Published online by Cambridge University Press: 18 February 2021
Many people around the world are familiar with the concept of a legal right to use water. That is, the right to divert water out of stream for consumptive use, or the right to use water instream to generate hydropower. This concept of a legal right is private in nature, a right held by the party that uses the water to grow crops, to provide water for domestic use, to operate a hydropower facility on a river. For example, in the American West, such private entitlements to water include riparian surface water rights (which derive from the early English common law) and prior appropriation surface water rights (which emerged after the California gold rush).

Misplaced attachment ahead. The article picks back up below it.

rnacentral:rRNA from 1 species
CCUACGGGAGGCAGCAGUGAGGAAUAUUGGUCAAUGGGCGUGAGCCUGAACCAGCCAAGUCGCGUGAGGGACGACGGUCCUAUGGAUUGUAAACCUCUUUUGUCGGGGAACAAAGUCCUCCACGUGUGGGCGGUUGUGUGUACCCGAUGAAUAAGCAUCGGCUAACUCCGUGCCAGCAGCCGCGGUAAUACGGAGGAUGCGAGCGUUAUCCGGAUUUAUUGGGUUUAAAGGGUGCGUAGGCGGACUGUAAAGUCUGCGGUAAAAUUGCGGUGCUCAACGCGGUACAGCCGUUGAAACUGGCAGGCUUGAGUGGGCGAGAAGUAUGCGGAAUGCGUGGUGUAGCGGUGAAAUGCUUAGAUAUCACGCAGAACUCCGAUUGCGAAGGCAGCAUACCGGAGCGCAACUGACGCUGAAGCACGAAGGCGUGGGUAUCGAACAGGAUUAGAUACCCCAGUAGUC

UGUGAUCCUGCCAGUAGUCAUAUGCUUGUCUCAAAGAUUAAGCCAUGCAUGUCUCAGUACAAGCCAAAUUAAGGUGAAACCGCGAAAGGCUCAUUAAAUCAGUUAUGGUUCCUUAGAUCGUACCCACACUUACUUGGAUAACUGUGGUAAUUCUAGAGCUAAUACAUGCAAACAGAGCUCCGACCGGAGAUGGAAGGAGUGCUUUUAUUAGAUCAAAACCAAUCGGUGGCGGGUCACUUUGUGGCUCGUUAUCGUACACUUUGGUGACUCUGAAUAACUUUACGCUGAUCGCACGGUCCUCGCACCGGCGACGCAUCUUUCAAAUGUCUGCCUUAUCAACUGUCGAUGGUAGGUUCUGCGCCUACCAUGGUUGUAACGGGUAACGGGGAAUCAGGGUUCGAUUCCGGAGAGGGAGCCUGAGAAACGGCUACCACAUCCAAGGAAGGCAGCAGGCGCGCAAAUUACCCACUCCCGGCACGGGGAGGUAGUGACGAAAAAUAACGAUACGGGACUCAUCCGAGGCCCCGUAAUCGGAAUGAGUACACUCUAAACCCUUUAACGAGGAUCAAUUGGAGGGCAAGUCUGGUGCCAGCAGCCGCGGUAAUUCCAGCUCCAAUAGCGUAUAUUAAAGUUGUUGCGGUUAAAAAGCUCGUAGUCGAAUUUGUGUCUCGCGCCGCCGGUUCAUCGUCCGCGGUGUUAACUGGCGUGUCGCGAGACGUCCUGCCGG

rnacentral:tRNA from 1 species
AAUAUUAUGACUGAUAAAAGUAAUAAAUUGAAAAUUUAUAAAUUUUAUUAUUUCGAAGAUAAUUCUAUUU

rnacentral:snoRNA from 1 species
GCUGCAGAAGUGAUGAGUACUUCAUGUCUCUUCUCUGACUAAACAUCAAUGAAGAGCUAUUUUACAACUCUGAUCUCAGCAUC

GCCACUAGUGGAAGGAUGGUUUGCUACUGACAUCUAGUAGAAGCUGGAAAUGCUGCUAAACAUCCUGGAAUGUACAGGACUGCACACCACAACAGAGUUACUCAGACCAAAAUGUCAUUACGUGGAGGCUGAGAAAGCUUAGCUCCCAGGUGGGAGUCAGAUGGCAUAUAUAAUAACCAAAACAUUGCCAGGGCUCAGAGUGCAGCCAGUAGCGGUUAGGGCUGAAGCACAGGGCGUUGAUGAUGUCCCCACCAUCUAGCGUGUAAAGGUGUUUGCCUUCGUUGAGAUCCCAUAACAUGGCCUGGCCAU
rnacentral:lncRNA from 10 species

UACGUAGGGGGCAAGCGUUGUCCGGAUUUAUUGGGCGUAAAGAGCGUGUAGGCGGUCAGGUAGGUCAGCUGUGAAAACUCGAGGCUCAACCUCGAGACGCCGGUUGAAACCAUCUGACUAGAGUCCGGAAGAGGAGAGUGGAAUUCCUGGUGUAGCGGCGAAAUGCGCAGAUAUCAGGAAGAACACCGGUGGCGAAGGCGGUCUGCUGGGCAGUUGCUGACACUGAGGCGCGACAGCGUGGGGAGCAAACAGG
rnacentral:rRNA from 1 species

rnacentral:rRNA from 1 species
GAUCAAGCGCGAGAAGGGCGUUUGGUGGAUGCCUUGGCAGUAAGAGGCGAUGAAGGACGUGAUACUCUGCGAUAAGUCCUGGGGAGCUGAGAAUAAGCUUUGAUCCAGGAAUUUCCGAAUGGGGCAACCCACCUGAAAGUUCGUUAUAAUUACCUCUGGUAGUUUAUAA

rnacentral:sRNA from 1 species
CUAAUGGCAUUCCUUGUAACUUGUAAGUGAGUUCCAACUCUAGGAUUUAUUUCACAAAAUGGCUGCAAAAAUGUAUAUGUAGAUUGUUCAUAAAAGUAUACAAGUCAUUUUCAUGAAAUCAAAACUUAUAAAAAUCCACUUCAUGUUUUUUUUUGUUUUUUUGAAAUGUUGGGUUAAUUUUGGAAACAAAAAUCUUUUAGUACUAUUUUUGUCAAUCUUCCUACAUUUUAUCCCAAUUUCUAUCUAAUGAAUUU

Alongside these accepted notions of private rights to water, however, there is an equally long tradition in many countries of a public right to keep water instream – for fisheries, for navigation, for flows to preserve water quality. In the Roman Empire, the Latin term was publicum ius aquae (public water right) and was closely related to the status of fish and instream flows as res communis (things held/owned in common by the public) under Roman law.